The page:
- The tone is more factual than sad and mournful. The speaker is describing the events and trying to convey that death is natural and happens everyday. 1. Who is the author of the poem? A. Emilia Dixon


B. Emily Dickinson


C. Sam Dixon


D. Dr. Suess 2. All of the following are literary techniques used EXCEPT.... A. Simile


B. Personification


C. Onomatopoeia


D. None of the above are used 3. What is the rhyme scheme of this stanza? There's been a death in the opposite house
As lately as today.
I know it by the numb look
Such houses have alway. 4. What does the poem convey about death? A. Death is a universal and natural occurrence


B. Death is the end of the world for loved ones


C. Death is happy


D. This poem isn't about death.... 5. Who did Emily Dickinson marry? A. William Shakespeare


B. Robert Frost


C. Edward Cummings


D. She did not marry 6. Why does the author include the line about the mattress being thrown out? A. Because she wanted to


B. Because that is what happened


C. The deceased was on the bed and they wanted to get rid of the memories


D. It was common to throw the mattress away because it "cleansed" the house 7. What is the tone of the poem? A. Happy


B. Depressed


C. Matter-of-fact


D. Abstemious 8. Why do you think Emily Dickinson chose to write from a man's perspective? They wonder if It died on that, -
I used to when a boy. 9. Which of the following is a sign of death the speaker mentioned? A. He saw the stabbing


B. He talked to the doctor


C. He saw the doctor leave


D. Someone told him 10. When was Emily Dickinson born? A. December 10, 1830


B. May 15, 1830


C. December 10, 1886


D. May 15, 1886 Lines 3-4 “I know it by the numb look such houses have alway” exemplifies personification in that the facade of the house is perceived as displaying a human emotion like sadness. The house appears to be distraught over the death as a human would. Line 5 “The neighbors rustle in and out” consists of imagery used by the word rustle. The imagery in the word rustle comes from the rustling sound of dead leaves in the fall, much like the bodies that leave this world. Lines 17-18 “… and the man of the appalling trade” has a sense of irony embedded in it. Considering a profession of such importance, preparing the final house for the dead in preparation for their funeral, burial, and after-life seems absurd for the purpose it serves. The house is representative of the work as a whole. The cleansing transformation the house experiences after death is a small aspect depicted in the poem for the overall grieving process that humans experience after death. Line 7 “A window opens like a pod” uses the word like to compare the two actions, neither of which is done with much emotional attachment or consideration.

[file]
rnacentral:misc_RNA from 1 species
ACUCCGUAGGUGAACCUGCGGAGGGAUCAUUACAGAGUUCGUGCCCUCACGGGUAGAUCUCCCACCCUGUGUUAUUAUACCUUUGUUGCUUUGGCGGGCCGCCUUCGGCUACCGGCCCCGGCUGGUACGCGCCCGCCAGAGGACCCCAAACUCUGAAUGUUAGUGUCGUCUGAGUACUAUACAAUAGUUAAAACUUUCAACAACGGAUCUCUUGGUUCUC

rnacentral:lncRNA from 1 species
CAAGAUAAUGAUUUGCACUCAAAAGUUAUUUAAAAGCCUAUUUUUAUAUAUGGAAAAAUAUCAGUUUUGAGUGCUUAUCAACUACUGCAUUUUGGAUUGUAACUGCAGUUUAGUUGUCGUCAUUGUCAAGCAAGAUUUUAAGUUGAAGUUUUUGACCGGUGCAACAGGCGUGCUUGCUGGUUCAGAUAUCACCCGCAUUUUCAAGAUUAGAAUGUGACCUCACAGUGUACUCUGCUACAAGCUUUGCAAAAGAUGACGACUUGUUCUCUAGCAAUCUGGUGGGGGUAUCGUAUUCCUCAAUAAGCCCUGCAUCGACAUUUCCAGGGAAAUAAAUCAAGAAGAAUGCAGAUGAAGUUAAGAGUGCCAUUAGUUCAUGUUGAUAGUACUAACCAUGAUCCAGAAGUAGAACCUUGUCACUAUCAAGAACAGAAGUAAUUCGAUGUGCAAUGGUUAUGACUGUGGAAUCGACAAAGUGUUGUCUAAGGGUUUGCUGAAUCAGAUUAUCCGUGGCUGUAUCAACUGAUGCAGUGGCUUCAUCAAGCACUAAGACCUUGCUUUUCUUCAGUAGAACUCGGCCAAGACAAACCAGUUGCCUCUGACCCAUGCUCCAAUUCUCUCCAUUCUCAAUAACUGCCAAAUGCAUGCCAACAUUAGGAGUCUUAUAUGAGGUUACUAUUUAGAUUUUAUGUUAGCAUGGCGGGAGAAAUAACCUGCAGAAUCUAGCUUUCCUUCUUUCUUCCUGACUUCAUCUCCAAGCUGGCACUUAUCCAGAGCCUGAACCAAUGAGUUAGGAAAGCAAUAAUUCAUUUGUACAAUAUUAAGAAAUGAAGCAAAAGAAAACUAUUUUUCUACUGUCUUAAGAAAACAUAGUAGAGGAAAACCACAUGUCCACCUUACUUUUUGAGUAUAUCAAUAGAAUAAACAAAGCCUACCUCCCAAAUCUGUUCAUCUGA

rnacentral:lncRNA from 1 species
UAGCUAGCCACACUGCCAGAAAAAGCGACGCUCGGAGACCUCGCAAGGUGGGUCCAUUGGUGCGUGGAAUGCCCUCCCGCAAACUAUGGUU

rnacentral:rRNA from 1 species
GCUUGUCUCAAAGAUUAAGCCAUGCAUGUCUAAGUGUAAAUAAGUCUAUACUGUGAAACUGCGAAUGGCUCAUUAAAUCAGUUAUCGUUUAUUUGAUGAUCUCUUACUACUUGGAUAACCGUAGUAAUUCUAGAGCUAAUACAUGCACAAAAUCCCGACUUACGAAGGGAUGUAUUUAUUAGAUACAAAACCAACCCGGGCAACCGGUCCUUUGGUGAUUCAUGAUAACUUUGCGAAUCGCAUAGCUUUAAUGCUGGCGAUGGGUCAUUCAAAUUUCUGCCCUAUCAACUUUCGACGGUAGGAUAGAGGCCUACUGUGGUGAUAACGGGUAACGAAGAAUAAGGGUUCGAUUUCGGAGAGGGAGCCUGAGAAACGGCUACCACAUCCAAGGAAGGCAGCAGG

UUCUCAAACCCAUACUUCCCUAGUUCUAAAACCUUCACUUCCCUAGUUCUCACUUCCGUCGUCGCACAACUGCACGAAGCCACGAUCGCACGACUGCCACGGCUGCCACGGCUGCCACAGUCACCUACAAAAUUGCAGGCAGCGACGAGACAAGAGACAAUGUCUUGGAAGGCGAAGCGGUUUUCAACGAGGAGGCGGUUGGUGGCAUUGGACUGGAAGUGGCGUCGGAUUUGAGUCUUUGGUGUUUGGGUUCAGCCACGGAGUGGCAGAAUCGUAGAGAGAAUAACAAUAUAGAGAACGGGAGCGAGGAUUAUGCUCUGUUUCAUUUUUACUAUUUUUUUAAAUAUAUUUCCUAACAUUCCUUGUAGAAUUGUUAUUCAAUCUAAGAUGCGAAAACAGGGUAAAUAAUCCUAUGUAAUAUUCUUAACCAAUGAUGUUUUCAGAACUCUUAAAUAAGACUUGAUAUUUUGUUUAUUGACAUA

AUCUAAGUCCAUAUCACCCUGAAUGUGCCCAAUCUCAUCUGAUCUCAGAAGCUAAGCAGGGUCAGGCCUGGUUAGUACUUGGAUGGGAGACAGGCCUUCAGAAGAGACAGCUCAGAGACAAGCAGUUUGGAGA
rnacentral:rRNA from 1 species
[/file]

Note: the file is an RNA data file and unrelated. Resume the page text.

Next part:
Line 22 “It’s as easy as a sign” suggests that the signs of death and mourning, dark colors like black, preparations for a funeral, are easy to spot by onlookers, much like a road sign would be seen and read. The word “house” found in line 19 symbolizes where bodies lay to rest. Living beings sleep in their house but the dead sleep in coffins, the house of the dead. Imagery Irony Metonymy Personification Simile Symbol Dickinson was generally criticized for using inexact rhymes, rough rhythms, and colloquial diction, and for taking liberties with grammar. Her odd punctuation - heavy on dashes - and her peculiar use of capitalization were also unappreciated. “There’s been a death in the opposite house” exemplifies the inexact rhymes. For example, “house” and “out” are attempted to be rhymed. The long vowel sound of “ou” is similar and the reason why they are considered rhymes but it is a stretch. The flow and natural breath of the reading is also interrupted with her use of dashes and other punctuation. Time Period Gothic period of American Literature - 1800-1850
Gothic is a sub-genre of Romanticism (which was present in American Literature in the early 1800’s)

Typical characteristics of the Gothic period:
• Sublime and overt use of the supernatural
• Characters see themselves at the mercy of forces out of their control which they do not understand
•Motif of the "double": an individual with both evil and good characteristics
•Often involves the oppression of young women, forced apart from true love

This poem is morbid and addresses the concept of death. Dickinson was faced with many deaths of close friends and family in her lifetime. The interpretation of what death entails is attempted to be discussed. Dickinson, although not the speaker in this poem, is experienced in grieving and recognizes dying is often occurring and inevitable. THE END Kendall Cowne & Maggie Hutzel